Asset allocation software attempts to automate the process of deciding upon a range of investments for an overall sum of money. It can be used by, or as a replacement for, professional fund managers. As with any computer application, asset allocation software only works as well as is possible given the way it is set up and customized.
The main use of asset allocation software is when an investor or fund manager is seeking to find the best mix of investments. This is usually done by dividing different investments into financial asset classes. These rank the investment types by their security. For example, a bond issued by a stable government is normally considered virtually risk free, while the riskiest investments include mezzanine stocks in struggling or less-established companies. As a general rule, the riskier the asset class, the higher the return — if, of course, the return is delivered.
It's possible to carry out asset allocation on a purely manual basis. At it's very simplest, putting half an investor's money into high-return risky assets and half into low-return, more secure assets is a form of asset allocation. In practice though, many investors want to carry out a much more sophisticated form of allocation that requires a computer program to deal with the different possibilities.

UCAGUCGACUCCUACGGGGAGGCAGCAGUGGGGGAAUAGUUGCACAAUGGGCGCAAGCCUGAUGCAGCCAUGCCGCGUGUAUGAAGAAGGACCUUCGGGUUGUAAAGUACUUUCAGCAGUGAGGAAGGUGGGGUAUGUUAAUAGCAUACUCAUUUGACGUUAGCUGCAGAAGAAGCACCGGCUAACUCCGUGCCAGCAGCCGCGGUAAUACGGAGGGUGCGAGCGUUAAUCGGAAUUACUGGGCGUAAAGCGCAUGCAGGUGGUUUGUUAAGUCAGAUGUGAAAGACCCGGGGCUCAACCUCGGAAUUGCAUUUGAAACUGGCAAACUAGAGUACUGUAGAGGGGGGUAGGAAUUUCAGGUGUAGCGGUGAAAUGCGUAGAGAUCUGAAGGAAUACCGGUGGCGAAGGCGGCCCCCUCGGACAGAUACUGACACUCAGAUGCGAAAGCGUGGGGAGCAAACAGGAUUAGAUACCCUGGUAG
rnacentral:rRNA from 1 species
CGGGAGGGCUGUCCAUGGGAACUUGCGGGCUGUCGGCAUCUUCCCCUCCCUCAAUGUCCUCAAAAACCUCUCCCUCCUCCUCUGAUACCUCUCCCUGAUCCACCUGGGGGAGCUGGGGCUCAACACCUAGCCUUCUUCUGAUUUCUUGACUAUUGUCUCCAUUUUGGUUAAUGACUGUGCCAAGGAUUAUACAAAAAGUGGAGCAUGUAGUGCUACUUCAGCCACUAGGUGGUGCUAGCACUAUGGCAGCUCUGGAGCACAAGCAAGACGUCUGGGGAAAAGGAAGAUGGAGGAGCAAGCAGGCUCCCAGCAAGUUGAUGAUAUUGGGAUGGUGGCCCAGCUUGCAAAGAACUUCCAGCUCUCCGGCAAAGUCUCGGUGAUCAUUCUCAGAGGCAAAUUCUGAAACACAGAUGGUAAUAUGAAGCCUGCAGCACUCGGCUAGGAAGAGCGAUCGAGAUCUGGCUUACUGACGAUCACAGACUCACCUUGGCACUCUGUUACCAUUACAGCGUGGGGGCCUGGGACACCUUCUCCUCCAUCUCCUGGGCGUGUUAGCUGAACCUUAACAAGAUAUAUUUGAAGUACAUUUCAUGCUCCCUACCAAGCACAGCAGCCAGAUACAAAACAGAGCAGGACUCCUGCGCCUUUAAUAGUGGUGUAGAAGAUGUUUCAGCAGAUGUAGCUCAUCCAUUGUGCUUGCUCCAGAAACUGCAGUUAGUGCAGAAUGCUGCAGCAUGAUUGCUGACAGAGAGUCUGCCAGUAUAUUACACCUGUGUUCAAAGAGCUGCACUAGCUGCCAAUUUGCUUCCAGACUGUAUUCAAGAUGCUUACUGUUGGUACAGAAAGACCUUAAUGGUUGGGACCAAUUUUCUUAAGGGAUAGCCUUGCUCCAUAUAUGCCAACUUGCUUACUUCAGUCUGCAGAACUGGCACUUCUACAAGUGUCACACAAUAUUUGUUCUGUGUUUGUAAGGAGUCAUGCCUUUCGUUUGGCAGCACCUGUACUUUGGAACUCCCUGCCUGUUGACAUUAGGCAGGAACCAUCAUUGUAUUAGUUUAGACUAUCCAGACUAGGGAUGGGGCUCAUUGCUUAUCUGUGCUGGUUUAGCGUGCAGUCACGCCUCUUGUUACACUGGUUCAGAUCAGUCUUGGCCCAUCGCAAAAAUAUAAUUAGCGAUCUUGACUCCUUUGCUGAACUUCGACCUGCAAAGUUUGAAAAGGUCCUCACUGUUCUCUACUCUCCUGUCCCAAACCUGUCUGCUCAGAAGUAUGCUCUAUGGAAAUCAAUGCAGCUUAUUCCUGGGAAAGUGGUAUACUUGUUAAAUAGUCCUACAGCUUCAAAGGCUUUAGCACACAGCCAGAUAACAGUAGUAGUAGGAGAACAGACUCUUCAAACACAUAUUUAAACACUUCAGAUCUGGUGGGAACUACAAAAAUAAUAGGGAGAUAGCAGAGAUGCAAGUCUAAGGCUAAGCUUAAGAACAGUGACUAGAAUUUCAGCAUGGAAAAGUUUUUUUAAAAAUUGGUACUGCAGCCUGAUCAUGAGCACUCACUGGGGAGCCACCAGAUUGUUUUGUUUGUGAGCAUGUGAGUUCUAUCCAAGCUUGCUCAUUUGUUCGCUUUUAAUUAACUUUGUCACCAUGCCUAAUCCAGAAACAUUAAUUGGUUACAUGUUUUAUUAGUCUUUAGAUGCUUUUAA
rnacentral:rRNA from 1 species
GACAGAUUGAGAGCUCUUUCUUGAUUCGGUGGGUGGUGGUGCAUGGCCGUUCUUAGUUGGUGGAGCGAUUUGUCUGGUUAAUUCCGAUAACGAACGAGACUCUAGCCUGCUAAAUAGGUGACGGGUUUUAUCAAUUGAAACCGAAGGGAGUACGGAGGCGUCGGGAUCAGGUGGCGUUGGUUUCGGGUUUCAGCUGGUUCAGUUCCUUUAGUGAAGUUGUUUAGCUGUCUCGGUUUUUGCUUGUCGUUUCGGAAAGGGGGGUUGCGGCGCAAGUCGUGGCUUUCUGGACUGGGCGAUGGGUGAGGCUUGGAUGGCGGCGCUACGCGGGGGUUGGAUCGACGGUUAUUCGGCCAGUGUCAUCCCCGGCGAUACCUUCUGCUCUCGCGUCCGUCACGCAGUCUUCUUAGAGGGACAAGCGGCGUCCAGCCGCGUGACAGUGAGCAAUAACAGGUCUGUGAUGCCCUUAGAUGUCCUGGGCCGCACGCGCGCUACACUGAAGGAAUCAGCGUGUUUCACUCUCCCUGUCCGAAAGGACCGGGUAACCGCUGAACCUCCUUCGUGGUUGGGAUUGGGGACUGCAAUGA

As well as simply dealing with asset classes, asset allocation software can also work with specific investments. For example, two government bonds may offer a different interest rate, and the investor may also want to take account of the potential revenue from selling the bond on to another investor before it is due for redemption. Stocks, of course, vary immensely from one another, with investors needing to take account both of past performance and of volatility.
The key to effective asset allocation software is to offer users a balance of simplicity and flexibility. A good package will allow the user complete control over what variables he wishes to tweak to experiment with different results. At the same time, it will also allow him to get results as quickly as possible by automating the process.
Many asset allocation software products include a backtesting feature. This allows the user to see how a particular portfolio line-up would have performed over a period in the past. While potentially very useful, this has two major caveats: users should always remember that past performance does not guarantee future results; and users should be very wary of any backtesting that is portrayed as proving the skills of a particular investor or fund manager.